In another embodiment, instead of using a sacrificial composition that can be removed using a solvent, a sacrificial composition that can be removed by sublimation may be preferred. For this embodiment, compounds or metals or alloys with high vapor pressures at moderate temperatures, such as less than 975K, are preferred. In this embodiment, vacuum may be employed to reduce the time needed to sublime the sacrificial composition.
6. Modify the Shape
One of the desirable features in particle technology is the ability to control particle shape. Quite often, the shape of very small particles is spherical. However, a number of applications prefer particles with an aspect ratio greater than 1.5, more preferably greater than 3.0, and even more preferably greater than 10.0. Techniques that can modify the shape of a particle can also enhance the surface area of a powder.
One post-processing technique for modifying shape is catalytic transformation. This process, in more generic sense, can be described as a method for modifying the shape of submicron or nanoscale particles comprising (a) mixing the submicron or nanoscale particles or their precursors with a catalyst that preferentially favors dissolution and precipitation of the particles, (b) processing the mixture at a temperature greater than 300K, preferably greater than 1000K (c) collecting the particles with desired aspect ratio, and (d) if desired, further post-processing the particles to meet customer requirements. In this embodiment, the catalytic reactions are preferably conducted in a gas phase.
Another post-processing technique for modifying shape is the use of shear at temperatures where the material softens. As a rule of thumb, this temperature for many composition is between 0.2*Tm and 0.95*Tm, where Tm is the melting point of the composition in Kelvin.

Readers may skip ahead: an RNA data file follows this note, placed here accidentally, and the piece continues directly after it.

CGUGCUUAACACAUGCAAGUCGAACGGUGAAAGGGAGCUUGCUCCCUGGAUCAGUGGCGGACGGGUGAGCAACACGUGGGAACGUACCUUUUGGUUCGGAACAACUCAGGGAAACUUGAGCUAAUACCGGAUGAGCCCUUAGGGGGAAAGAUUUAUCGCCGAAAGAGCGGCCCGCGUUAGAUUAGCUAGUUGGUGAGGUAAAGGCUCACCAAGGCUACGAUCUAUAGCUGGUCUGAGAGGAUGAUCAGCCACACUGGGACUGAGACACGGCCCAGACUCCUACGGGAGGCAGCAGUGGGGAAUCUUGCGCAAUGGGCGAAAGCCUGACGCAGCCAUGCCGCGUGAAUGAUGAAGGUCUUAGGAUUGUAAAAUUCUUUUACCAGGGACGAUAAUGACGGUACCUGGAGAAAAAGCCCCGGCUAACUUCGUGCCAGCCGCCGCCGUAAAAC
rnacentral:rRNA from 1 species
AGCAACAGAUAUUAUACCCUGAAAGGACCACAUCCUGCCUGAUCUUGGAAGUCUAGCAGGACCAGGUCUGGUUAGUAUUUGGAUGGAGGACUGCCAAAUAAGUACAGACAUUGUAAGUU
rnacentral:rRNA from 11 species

Yet another post-processing technique for modifying shape is to mix the particles in a polymer followed by thermal treatment of the mix. The thermal treatment is anticipated to cause sintering and growth of the particle into particle shapes of desired aspect ratio. Techniques such as extrusion may be employed before the thermal treatment to control the aspect ratio of the particles.
Still another post-processing technique for modifying shape is to deposit the submicron or nanoscale particles in a template followed by thermal treatment between 0.2*Tm and 0.95Tm, where Tm is the melting point of the composition in Kelvin. Illustrative templates include anodized aluminum, anodized silicon, other anodized metals, micro-machined templates, porous polymers, radiation templated polymers, zeolites, emulsion produced templates, and other templates. The template can be removed using solvents and other techniques after the desired aspect ratio particles have been produced.
7. Post-processing of Nanopowders to Achieve Consolidation
Once the nanoscale powders have been post-processed, they may be transformed into a useful product. For example, coatings, casting, molding, compacting, spraying, pressing, electrodeposition, and other techniques followed by thermal treatment for consolidation and sintering are exemplary techniques for manufacturing or forming useful products from post-processed powders in accordance with the present invention.